Credit for coning WIKI goes to Max ("how about trying to make the acronym "WIGI" WIki Gender Index." - MK)

The following exchange is about the following paragraph from the early draft:

Research Question 2: what will be the variations by region/country/nationality/ethnicity/religion/language? -PK

this is the only variable i feel is strong enough to make useful data. religion and country are not represented enough in the wikidata, but inferring the existence of a biography from the existence of a site-link (language based) is what we have.-MK

Great. And I think we should have a paragraph discussing why we are not using religion/country/etc., in the study limitations section. I'll copy your sentence there for future c/e.-PK

Excellent, so we are correlating with languages, which in some ways are proxies for countries and cultures.-MK

The following exchange is about the following paragraph from the early draft:

RQ3: are there interesting variations in easy to calculate variables such as subject longevity and article quality? -PK

longevity is possible i think we can even use this script by Markus -MK

The following exchange is about the following paragraph from the early draft:

Common indicators include such as life expectancy, literacy rate, income, and most relevant to us, the number/percentage of high-end political and economic position holders (i.e. professional and technical positions; positions as legislators, senior officials and managers; parliamentary seats, ministerial positions, heads of state), as used by the major indices, with the data being populated by administrative and historical records, as well as national surveys. -PK


technically its not that difficult, you just add the contain on the human that they "have profession: X", but im not sure the data is rich enough to give meaningful results if we do add the extra constraints. -MK

Let's see how may we can get for the professions listed " professional and technical positions; positions as legislators, senior officials and managers; parliamentary seats, ministerial positions, heads of state". I am pretty sure we can find corresponding categories easily; and hopefully it wouldn't be difficult to correlate them with our data. The following category is probably a useful start: through as everything, it is work in progress (I've just added "religious leaders to it as it was not categorized within it...). I am not sure at this state whether we should just have a flag if a person is within the subcategory structure of this, or try to differnetiate it further. It would be interesting to compare let's say gender equality within politics, business, religion and such. That said, I suggest we live this on a side while we work on other aspects, but hopefully we will be able to get some usable data here. I guess the main issue is how easy can we correlate with our Wikidata dump file? -PK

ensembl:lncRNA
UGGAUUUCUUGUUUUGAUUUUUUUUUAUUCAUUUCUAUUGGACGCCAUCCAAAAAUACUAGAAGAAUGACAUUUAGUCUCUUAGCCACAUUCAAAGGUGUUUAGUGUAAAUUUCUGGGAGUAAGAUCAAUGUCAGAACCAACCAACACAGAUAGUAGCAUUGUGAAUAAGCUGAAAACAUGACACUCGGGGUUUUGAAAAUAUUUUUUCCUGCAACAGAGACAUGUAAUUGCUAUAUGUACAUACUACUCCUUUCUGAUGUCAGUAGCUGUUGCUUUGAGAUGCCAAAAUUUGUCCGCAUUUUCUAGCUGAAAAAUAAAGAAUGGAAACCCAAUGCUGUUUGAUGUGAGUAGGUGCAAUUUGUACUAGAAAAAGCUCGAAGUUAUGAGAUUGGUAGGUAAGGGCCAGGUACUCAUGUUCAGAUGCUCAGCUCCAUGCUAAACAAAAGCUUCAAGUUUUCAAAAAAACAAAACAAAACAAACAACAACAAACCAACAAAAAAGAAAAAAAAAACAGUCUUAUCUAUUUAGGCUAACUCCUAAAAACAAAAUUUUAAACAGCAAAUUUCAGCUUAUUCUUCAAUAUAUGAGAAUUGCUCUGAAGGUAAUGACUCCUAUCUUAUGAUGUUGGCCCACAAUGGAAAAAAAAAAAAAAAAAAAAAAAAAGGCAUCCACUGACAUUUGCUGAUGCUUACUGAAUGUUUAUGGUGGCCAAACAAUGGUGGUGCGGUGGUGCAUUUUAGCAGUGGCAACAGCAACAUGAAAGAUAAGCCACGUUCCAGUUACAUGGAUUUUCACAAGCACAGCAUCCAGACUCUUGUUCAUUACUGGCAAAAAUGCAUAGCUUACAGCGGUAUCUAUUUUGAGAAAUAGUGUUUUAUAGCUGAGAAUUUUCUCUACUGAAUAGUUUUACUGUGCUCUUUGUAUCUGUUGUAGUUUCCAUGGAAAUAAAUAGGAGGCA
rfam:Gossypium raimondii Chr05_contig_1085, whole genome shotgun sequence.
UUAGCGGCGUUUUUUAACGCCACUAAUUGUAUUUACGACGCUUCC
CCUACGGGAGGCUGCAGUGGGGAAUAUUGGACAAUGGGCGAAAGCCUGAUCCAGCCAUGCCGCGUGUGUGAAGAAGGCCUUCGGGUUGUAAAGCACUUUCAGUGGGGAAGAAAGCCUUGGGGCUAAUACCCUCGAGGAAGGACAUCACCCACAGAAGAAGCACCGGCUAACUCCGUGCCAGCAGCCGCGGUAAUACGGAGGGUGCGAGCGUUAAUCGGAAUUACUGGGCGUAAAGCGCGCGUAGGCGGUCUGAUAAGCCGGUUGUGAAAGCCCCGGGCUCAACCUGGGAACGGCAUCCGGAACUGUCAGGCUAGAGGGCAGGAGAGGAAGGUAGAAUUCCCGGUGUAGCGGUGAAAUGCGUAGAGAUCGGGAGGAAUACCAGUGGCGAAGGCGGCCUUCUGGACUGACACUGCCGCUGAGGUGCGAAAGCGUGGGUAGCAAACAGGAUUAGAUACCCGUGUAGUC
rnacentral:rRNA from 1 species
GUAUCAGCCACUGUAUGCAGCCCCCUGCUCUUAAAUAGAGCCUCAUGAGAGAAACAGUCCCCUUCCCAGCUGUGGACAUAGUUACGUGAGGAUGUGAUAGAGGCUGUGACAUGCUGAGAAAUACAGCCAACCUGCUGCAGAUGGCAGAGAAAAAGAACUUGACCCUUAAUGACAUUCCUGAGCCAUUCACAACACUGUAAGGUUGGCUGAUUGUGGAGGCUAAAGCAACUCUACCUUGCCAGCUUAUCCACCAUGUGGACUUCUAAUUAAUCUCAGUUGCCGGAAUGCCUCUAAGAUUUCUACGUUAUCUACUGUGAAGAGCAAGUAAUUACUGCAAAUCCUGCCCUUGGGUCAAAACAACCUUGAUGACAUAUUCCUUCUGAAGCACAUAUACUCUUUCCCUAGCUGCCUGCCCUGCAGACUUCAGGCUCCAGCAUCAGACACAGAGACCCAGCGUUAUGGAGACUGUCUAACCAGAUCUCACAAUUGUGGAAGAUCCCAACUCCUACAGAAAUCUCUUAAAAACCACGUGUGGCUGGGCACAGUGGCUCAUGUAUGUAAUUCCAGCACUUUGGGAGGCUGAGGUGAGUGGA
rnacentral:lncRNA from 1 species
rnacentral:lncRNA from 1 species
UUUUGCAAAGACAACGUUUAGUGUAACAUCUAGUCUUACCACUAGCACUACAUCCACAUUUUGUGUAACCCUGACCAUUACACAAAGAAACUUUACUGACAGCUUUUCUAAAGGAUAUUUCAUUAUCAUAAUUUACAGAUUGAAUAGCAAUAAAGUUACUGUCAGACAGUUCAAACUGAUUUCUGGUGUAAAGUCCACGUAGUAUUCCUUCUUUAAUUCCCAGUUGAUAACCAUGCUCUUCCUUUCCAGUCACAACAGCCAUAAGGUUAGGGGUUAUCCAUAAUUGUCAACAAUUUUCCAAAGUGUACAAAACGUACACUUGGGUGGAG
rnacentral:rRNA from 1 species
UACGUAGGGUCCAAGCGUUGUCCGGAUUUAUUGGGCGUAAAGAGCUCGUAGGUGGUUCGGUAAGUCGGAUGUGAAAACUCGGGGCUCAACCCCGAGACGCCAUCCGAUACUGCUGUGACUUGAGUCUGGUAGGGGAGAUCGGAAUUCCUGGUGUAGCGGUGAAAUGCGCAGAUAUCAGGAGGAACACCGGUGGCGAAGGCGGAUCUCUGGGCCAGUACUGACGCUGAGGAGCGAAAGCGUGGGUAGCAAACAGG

Ok, I will work this into the next version of the dump file. -MK

The following exchange is about the following paragraph from the early draft:

Our primary indicator - having a Wikipedia biography - can be seen as conceptually similar to the indicator of a having a high-end political and economic position, and correspondingly, the indicator of number of individuals with a Wikipedia biography per unit of time or region is similar to the number of holders of political and economic positions. -PK

but we are comparing languages not women. So this should be more accurately reframed, "Our primary indicator, what percentage of women or non-males, have a biography in the target language" -MK

I've added "(in a target language)". The non-males is a very interesting point; we need to have some discussion of other genders. Since you wrote some about it, I think you may want to write a paragraph or such about it, perhaps around the discussion of your other findings. We will also have to briefly describe (and decide) how we want to handle other genders... Should be categorize them for now as "third-gender"? I know there are more than one in that group, but since they are not really consistent (or used widely), I'd tentatively suggest to work on four groups: male, female, other, data missing.-PK

I think that "third-gender" means something specific. I wrote to and the UC Berkeley Gender studies department to see if there was any expert that could help with that.-MK

Did you encounter any mentions of non-male-non-female genders in other indexes so far? .-MK


You mention later you'd like to aggregate female and other. I think we may want to test three variables: female, other, and f+o. Through based on what you reported earlier, I wonder if we can get any statistically significant data from the other? If we are lucky, we could find (as I expect) that equality for other is lagging behind women. But is the data good enough to support that? We will see... -PK

If we could find numbers for "other" in different indexes, then we could compare and say that they were underrepresented more or less than the female category. -ML

And yes, once we decide on terminology, we will have to change the language. - PK

do all wikipedia language versions have notablility policies? Wikidata's policy is less strict than English Wikipedia's, I know that much. Somebody can be notable if it will just make a family tree graph more complete . I think they call this "structural" notability. -MK